Facedown or face to the ground? That is the question. Well, not really. It is a question. But in the overall scheme of things, not that important a question. Nevertheless, one I am chewing on this morning. And not because what they did needs to be determined exactly, but why they did it should be internalized deeply.
And Ezra opened the book in the sight of all the people, for he was above all the people, and as he opened it all the people stood. And Ezra blessed the LORD, the great God, and all the people answered, “Amen, Amen,” lifting up their hands. And they bowed their heads and worshiped the LORD with their faces to the ground.
(Nehemiah 8:5-6 ESV)
I never cease to be stirred by the scene pictured in Nehemiah 8 as the word is brought by Ezra and sought by the people. In my mind’s eye I see Ezra, the teacher priest, ready, willing, and able to bring God to men and women through His revelation. They’ve built a platform, not to elevate Ezra but to elevate the word and maximize the opportunity for as many to hear as wanted to hear. And many wanted to hear, “both men and women and all who could understand” gathered with “attentive ears” in order to hear what their communicating God had communicated (8:2, 3).
And, according to the ESV and the NKJV, all the people stood, they lifted their hands, and they bowed their heads and worshiped. Hands reaching to the heavens to receive, faces pointing to the earth to receive humbly. Their bodies visibly expressing their desire for things from above even as they defer in reverential acknowledgment that they are but creatures below.
But read other translations and you realize that the ESV translation is based on only one word in the original, the word “to bow.” Others translate “bow” as they kneeled, or bowed down, and thus literally put their faces on the ground in worship (CSB, NIV). They stood up, they lifted up, and then they bowed down. So, my question. Were they facedown or face to the ground? Doesn’t really matter, does it? Less about their bodies posture than the posture of their heart, isn’t it? I’m thinkin’ . . .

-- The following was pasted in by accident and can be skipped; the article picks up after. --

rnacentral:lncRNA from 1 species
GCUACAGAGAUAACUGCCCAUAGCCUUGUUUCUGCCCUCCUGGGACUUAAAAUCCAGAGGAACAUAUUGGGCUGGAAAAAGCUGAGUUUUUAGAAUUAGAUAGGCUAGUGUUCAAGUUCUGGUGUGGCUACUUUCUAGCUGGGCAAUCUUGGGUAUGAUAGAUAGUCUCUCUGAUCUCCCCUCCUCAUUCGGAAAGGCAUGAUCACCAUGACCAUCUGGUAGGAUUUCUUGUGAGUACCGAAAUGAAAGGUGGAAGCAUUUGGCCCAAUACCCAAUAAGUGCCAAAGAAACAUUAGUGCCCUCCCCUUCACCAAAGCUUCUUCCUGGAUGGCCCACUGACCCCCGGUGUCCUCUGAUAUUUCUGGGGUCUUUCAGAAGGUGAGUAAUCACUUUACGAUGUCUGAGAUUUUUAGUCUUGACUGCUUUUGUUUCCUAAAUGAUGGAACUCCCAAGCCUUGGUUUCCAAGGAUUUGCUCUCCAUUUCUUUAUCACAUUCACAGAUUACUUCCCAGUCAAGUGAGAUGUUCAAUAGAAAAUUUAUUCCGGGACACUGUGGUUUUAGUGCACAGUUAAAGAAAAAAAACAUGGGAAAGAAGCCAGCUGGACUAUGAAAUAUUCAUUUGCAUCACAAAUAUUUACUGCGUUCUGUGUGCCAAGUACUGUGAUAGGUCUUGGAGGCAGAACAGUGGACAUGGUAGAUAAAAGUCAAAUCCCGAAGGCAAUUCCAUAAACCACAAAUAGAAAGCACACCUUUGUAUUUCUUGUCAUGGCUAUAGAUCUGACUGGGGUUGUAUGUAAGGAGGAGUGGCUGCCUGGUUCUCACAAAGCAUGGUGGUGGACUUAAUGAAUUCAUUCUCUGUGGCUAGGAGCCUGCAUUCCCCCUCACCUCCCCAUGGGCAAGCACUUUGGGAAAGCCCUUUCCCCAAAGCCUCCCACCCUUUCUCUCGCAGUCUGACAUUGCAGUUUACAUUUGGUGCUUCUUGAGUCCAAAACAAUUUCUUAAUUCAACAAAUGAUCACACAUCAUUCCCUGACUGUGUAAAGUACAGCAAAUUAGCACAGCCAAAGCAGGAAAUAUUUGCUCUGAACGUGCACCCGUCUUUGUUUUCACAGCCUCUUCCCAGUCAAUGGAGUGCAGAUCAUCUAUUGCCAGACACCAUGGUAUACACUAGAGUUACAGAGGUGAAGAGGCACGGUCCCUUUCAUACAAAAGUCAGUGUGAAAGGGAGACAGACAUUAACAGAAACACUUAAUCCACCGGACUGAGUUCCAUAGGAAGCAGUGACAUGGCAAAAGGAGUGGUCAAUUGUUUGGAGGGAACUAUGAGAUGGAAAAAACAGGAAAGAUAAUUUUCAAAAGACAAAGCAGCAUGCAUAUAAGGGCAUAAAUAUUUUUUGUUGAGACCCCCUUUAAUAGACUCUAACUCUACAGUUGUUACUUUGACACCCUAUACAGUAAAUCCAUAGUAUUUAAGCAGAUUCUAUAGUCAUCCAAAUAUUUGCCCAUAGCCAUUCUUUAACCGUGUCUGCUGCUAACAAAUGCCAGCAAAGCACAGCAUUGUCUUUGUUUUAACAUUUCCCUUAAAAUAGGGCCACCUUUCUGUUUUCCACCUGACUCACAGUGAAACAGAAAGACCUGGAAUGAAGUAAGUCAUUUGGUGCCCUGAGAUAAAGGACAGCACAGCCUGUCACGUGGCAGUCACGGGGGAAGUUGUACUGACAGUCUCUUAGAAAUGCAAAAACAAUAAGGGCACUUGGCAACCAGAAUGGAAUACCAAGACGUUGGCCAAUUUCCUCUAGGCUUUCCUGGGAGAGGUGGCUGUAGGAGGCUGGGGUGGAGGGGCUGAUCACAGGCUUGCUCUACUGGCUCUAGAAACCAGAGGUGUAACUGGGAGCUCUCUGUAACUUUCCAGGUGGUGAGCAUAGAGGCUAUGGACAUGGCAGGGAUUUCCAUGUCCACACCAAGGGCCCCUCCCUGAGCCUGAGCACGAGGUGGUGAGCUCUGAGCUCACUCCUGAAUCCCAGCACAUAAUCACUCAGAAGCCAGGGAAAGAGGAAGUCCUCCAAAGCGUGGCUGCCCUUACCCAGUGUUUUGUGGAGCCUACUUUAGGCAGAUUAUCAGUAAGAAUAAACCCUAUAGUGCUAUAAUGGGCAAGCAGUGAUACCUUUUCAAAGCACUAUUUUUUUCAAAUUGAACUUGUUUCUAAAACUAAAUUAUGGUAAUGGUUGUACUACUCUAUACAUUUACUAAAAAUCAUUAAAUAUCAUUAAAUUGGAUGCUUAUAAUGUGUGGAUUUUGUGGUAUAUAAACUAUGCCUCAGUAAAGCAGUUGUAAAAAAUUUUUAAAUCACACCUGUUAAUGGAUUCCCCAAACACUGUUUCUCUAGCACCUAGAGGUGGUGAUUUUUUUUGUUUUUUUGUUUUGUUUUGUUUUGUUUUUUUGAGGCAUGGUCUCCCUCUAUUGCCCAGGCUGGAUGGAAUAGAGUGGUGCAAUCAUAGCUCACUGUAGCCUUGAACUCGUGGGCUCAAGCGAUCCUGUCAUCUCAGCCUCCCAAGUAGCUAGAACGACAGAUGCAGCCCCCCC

Sure, we’re not coming off of 70 years of exile as they were. Nor have we just completed a fifty-two day, wall-rebuilding marathon in the face of opposition as they did. But when the word of God is declared — either as we read it or hear it preached — isn’t it still the same God who is communicating? The great God of heaven and earth? The blessed LORD who graciously calls His people to Himself that He might make Himself known? The Almighty Creator who has condescended to communicate with those He has created in His image? Yes it is. Would it be unreasonable, then, to think our heart posture should be the same? I want to suggest, no it wouldn’t.
Why would we not stand to receive, lift our hands to take hold, and put our faces to the ground (either figuratively or literally) in wonder and awe, whenever we encounter the word of God? Not physically necessarily (though that might not be a bad exercise from time to time), but at least internally. Hearts wide open in wonder and worship, with desire and deference. Ready to receive the word.
Always available, by His grace. Promised to be effectual, for His glory.